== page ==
In 1949, the territories of the former Dutch East Indies, apart from West Papua (then known as Dutch New Guinea), declared independence as the Republic of Indonesia. For strategic reasons and because of 'the entirely different national character and the virtual absence of Indonesian nationalistic sentiment among the population' - the Dutch, despite Indonesian objections, retained West Papua with a view to developing the territory and setting it on course for self-determination. Indonesia, however, persisted with its claim to sovereignty. This led to threats of military action and low-level incursions at the beginning of the 1960s.
Under pressure from the US, which was anxious to avoid Indonesia falling under Communist influence in the Cold War, the Dutch entered into the UN-brokered 'New York Agreement' with Indonesia on 15 August 1962. The agreement provided for an initial transfer of power of West Papua to the UN to be followed by a transfer to Indonesia. An Act of Free Choice would then take place before the end of 1969.
Drooglever notes that the New York Agreement was vaguely worded on a number of essential points, including the duration of the UN transition period and the guarantees for the implementation of an internationally acceptable referendum.
The Papuans were not a party to the Agreement and were not even consulted despite the fact that by 1961 there existed 'the unmistakable beginning of the formation of a Papuan state' with the adoption of a flag and national anthem and the establishment of a New Guinea Council.
'By the end of 1961
onwards, Jakarta's behaviour, both in word and deed, was
outright threatening,' says Drooglever. After the end of
Dutch rule in 1962, 'the UN administration lacked the
necessary power, the will and the expertise to bring about a
truly neutral interim phase,' he says. By
'Indonesian soldiers and officials were pouring into the country in far larger numbers than planned and quickly took control. They exerted heavy pressure on the Papuans to choose their side publicly and to give up the dream of self-determination. Furthermore, the first signs of the violent action taken by the Indonesian military, which would also characterise the new administration in the coming decades, soon appeared. Rapid impoverishment ensued, together with a substantial decline in legal certainty and a loss of civil rights across the board.' 'This led to increasingly negative reactions from the Papuans.' 'The number of victims quickly rose into the thousands.'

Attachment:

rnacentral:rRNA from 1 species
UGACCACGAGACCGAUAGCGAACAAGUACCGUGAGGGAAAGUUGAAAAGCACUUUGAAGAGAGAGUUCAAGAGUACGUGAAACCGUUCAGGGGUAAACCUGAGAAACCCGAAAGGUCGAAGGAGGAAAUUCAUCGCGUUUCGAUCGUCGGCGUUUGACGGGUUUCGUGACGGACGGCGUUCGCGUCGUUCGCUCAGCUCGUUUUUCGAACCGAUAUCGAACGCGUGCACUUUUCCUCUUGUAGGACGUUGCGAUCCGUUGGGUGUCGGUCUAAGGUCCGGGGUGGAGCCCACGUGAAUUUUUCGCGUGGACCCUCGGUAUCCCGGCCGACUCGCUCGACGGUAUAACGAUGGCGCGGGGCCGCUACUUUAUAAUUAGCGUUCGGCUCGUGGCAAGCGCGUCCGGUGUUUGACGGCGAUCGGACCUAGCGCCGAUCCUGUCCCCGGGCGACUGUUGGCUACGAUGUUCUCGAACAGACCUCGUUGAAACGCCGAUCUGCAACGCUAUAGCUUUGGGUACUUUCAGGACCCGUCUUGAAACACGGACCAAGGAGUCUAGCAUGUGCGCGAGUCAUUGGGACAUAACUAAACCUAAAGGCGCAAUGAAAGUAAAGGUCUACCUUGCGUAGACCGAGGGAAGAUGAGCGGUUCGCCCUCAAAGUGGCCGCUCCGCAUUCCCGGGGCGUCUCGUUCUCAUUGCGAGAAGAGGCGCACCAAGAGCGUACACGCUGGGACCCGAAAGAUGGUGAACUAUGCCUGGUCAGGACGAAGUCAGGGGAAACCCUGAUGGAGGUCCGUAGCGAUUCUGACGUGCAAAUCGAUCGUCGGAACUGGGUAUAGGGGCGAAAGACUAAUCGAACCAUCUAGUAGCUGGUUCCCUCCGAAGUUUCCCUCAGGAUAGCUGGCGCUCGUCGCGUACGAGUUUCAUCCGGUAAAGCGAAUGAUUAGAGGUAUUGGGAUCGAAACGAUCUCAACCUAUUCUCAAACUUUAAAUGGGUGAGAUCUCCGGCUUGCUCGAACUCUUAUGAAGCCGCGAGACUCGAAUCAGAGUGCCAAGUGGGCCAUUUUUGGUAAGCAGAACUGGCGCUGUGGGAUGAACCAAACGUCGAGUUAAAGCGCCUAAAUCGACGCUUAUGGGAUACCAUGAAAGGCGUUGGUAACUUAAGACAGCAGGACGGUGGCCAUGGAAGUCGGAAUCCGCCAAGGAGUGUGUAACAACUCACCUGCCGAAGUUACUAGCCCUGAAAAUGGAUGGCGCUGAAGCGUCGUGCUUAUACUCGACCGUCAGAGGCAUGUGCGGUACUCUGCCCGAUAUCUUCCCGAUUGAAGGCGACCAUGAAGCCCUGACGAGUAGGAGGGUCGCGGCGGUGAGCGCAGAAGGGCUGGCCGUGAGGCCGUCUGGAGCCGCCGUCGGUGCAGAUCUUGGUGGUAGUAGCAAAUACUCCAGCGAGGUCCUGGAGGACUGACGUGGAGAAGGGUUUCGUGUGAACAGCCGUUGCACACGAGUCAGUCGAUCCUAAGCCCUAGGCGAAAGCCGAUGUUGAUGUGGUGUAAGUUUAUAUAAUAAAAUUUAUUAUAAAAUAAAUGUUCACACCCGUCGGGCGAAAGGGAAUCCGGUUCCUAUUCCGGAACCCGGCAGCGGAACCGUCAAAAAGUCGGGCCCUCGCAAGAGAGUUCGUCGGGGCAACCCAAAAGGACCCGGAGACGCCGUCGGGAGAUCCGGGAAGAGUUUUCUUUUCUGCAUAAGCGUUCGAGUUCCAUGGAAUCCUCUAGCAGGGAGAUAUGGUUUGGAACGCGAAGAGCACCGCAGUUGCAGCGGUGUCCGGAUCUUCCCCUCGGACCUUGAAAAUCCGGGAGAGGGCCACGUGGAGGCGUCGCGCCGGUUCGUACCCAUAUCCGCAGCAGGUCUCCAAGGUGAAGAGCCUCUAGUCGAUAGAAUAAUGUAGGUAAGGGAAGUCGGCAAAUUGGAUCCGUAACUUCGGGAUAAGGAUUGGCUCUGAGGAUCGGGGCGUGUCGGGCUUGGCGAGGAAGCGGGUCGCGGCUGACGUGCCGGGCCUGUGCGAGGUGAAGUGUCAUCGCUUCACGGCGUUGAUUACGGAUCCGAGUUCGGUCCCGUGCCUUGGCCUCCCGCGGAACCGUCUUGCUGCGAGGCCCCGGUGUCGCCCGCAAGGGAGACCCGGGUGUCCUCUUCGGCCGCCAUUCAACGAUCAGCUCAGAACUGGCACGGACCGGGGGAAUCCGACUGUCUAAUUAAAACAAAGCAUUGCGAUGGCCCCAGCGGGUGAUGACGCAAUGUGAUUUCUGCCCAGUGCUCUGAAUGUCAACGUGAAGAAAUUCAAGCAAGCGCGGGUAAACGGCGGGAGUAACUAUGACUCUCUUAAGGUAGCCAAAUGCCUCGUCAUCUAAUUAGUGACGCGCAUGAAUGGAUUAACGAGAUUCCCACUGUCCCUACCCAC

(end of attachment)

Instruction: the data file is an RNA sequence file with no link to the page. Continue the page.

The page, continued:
The process leading to the Act of Free Choice itself got underway in the summer of 1968 with arrival of the UN Secretary General's special representative, Ortiz Sanz. Indonesian pressure meant that his team was kept very small, 17 in total. Drooglever describes how Sanz was overrun with petitions from Papuans complaining about Indonesian mismanagement in all kinds of areas. His referral of the complaints to his Indonesian counterpart was regarded as inappropriate interference. Sanz' advice on the form of the referendum was disregarded and a traditional Indonesian system under which only collective decisions and perfect consensus was possible was chosen. Sanz' team was not allowed to play any part in putting together the electorate and was given the smallest possible role in the implementation of the referendum itself. In the event, only 1,022 Papuans out of a population of around 800,000 took part.
A member of Sanz' UN team, Michel Pelletier, said on Dutch TV yesterday 'Incidents occurred in various places of the territory in which people demonstrating against the Act of Free Choice were being maltreated, mistreated. I heard of reports of people being beaten, being killed.'
When the matter was considered by the UN in November 1969, the Secretary General, U Thant, was able to conclude only that an Act of Free Choice had been held. Drooglever says 'he was unable to use the definite article because the representative value of the operation had been far below the standards laid down in the Agreement of New York [italics added]' . The UN General Assembly failed to endorse the Secretary General's report, but simply 'took cognisance' of it. Regrettably, that was then considered sufficient to remove West Papua from the UN agenda.